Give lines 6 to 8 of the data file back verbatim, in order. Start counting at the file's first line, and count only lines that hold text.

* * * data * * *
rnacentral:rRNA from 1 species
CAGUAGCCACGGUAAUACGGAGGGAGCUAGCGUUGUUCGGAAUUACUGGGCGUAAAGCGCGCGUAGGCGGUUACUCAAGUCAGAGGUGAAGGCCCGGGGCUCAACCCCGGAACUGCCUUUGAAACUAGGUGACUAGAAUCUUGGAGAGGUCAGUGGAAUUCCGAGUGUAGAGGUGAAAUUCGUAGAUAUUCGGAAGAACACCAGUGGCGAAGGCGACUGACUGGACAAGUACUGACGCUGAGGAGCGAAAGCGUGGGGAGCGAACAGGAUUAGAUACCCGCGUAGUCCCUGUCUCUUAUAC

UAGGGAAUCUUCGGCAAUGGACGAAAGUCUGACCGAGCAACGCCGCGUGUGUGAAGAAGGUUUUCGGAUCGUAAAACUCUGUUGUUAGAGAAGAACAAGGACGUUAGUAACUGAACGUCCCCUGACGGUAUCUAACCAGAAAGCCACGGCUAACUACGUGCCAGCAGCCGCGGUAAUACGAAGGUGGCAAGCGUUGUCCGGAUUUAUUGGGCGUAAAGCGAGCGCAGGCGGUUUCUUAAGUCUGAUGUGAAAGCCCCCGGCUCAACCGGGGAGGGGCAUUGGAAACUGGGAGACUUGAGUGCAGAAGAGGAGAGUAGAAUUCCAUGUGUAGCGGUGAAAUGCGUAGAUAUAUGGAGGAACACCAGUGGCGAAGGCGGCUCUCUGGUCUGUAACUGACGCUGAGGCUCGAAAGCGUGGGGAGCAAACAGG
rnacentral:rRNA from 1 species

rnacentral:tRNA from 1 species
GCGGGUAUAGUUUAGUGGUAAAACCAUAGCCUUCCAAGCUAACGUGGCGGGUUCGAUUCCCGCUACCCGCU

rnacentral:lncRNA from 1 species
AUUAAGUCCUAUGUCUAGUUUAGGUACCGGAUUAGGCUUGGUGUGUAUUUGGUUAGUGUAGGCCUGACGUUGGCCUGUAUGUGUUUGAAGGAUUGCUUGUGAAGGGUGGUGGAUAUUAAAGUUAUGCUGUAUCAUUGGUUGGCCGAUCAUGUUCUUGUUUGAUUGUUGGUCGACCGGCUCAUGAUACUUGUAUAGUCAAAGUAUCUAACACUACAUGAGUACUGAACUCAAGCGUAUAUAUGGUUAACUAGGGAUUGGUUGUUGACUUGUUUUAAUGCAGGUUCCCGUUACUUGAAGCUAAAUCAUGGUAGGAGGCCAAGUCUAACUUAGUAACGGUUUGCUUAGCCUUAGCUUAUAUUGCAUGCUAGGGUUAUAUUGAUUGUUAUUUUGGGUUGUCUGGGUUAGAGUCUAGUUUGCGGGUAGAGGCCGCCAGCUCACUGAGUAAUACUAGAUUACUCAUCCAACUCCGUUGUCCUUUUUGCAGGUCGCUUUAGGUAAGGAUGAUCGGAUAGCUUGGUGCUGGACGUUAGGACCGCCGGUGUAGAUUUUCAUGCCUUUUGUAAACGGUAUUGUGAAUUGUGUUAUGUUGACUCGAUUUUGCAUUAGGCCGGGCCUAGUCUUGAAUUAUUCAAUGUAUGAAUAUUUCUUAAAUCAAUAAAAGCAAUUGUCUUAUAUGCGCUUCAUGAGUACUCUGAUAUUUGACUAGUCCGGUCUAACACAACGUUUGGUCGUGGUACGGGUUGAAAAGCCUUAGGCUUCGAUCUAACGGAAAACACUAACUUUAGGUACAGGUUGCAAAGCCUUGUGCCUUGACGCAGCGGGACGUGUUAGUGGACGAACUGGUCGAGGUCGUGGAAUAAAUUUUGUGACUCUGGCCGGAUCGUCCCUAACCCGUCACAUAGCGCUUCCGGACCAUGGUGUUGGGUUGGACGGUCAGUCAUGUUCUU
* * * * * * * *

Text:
GCGGGUAUAGUUUAGUGGUAAAACCAUAGCCUUCCAAGCUAACGUGGCGGGUUCGAUUCCCGCUACCCGCU

rnacentral:lncRNA from 1 species
AUUAAGUCCUAUGUCUAGUUUAGGUACCGGAUUAGGCUUGGUGUGUAUUUGGUUAGUGUAGGCCUGACGUUGGCCUGUAUGUGUUUGAAGGAUUGCUUGUGAAGGGUGGUGGAUAUUAAAGUUAUGCUGUAUCAUUGGUUGGCCGAUCAUGUUCUUGUUUGAUUGUUGGUCGACCGGCUCAUGAUACUUGUAUAGUCAAAGUAUCUAACACUACAUGAGUACUGAACUCAAGCGUAUAUAUGGUUAACUAGGGAUUGGUUGUUGACUUGUUUUAAUGCAGGUUCCCGUUACUUGAAGCUAAAUCAUGGUAGGAGGCCAAGUCUAACUUAGUAACGGUUUGCUUAGCCUUAGCUUAUAUUGCAUGCUAGGGUUAUAUUGAUUGUUAUUUUGGGUUGUCUGGGUUAGAGUCUAGUUUGCGGGUAGAGGCCGCCAGCUCACUGAGUAAUACUAGAUUACUCAUCCAACUCCGUUGUCCUUUUUGCAGGUCGCUUUAGGUAAGGAUGAUCGGAUAGCUUGGUGCUGGACGUUAGGACCGCCGGUGUAGAUUUUCAUGCCUUUUGUAAACGGUAUUGUGAAUUGUGUUAUGUUGACUCGAUUUUGCAUUAGGCCGGGCCUAGUCUUGAAUUAUUCAAUGUAUGAAUAUUUCUUAAAUCAAUAAAAGCAAUUGUCUUAUAUGCGCUUCAUGAGUACUCUGAUAUUUGACUAGUCCGGUCUAACACAACGUUUGGUCGUGGUACGGGUUGAAAAGCCUUAGGCUUCGAUCUAACGGAAAACACUAACUUUAGGUACAGGUUGCAAAGCCUUGUGCCUUGACGCAGCGGGACGUGUUAGUGGACGAACUGGUCGAGGUCGUGGAAUAAAUUUUGUGACUCUGGCCGGAUCGUCCCUAACCCGUCACAUAGCGCUUCCGGACCAUGGUGUUGGGUUGGACGGUCAGUCAUGUUCUU